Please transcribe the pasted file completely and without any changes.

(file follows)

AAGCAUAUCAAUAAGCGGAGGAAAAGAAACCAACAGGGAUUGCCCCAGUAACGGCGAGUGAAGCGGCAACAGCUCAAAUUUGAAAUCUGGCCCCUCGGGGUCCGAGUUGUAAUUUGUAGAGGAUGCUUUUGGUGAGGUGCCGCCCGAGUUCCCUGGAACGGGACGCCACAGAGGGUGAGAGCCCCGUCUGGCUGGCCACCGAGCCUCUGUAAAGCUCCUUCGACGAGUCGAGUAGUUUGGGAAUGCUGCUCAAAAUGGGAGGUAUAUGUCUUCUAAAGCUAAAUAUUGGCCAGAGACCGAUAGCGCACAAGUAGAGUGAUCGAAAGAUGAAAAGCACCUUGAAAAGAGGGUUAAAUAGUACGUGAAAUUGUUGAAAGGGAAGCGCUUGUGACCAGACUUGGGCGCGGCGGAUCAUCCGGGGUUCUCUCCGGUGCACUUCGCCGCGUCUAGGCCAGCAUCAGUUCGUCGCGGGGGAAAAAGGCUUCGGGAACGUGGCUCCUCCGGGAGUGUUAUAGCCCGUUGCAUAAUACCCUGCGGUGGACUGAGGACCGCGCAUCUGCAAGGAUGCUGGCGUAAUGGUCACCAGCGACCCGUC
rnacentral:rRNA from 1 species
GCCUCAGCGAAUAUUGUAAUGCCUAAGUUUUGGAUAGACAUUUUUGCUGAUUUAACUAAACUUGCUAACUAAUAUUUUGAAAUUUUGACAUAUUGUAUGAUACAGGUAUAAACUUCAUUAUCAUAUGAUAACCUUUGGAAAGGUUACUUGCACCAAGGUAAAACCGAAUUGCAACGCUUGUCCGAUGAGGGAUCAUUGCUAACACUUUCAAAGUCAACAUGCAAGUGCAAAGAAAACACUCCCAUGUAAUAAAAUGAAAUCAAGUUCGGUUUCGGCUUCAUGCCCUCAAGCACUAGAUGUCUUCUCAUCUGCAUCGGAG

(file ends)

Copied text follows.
AAGCAUAUCAAUAAGCGGAGGAAAAGAAACCAACAGGGAUUGCCCCAGUAACGGCGAGUGAAGCGGCAACAGCUCAAAUUUGAAAUCUGGCCCCUCGGGGUCCGAGUUGUAAUUUGUAGAGGAUGCUUUUGGUGAGGUGCCGCCCGAGUUCCCUGGAACGGGACGCCACAGAGGGUGAGAGCCCCGUCUGGCUGGCCACCGAGCCUCUGUAAAGCUCCUUCGACGAGUCGAGUAGUUUGGGAAUGCUGCUCAAAAUGGGAGGUAUAUGUCUUCUAAAGCUAAAUAUUGGCCAGAGACCGAUAGCGCACAAGUAGAGUGAUCGAAAGAUGAAAAGCACCUUGAAAAGAGGGUUAAAUAGUACGUGAAAUUGUUGAAAGGGAAGCGCUUGUGACCAGACUUGGGCGCGGCGGAUCAUCCGGGGUUCUCUCCGGUGCACUUCGCCGCGUCUAGGCCAGCAUCAGUUCGUCGCGGGGGAAAAAGGCUUCGGGAACGUGGCUCCUCCGGGAGUGUUAUAGCCCGUUGCAUAAUACCCUGCGGUGGACUGAGGACCGCGCAUCUGCAAGGAUGCUGGCGUAAUGGUCACCAGCGACCCGUC
rnacentral:rRNA from 1 species
GCCUCAGCGAAUAUUGUAAUGCCUAAGUUUUGGAUAGACAUUUUUGCUGAUUUAACUAAACUUGCUAACUAAUAUUUUGAAAUUUUGACAUAUUGUAUGAUACAGGUAUAAACUUCAUUAUCAUAUGAUAACCUUUGGAAAGGUUACUUGCACCAAGGUAAAACCGAAUUGCAACGCUUGUCCGAUGAGGGAUCAUUGCUAACACUUUCAAAGUCAACAUGCAAGUGCAAAGAAAACACUCCCAUGUAAUAAAAUGAAAUCAAGUUCGGUUUCGGCUUCAUGCCCUCAAGCACUAGAUGUCUUCUCAUCUGCAUCGGAG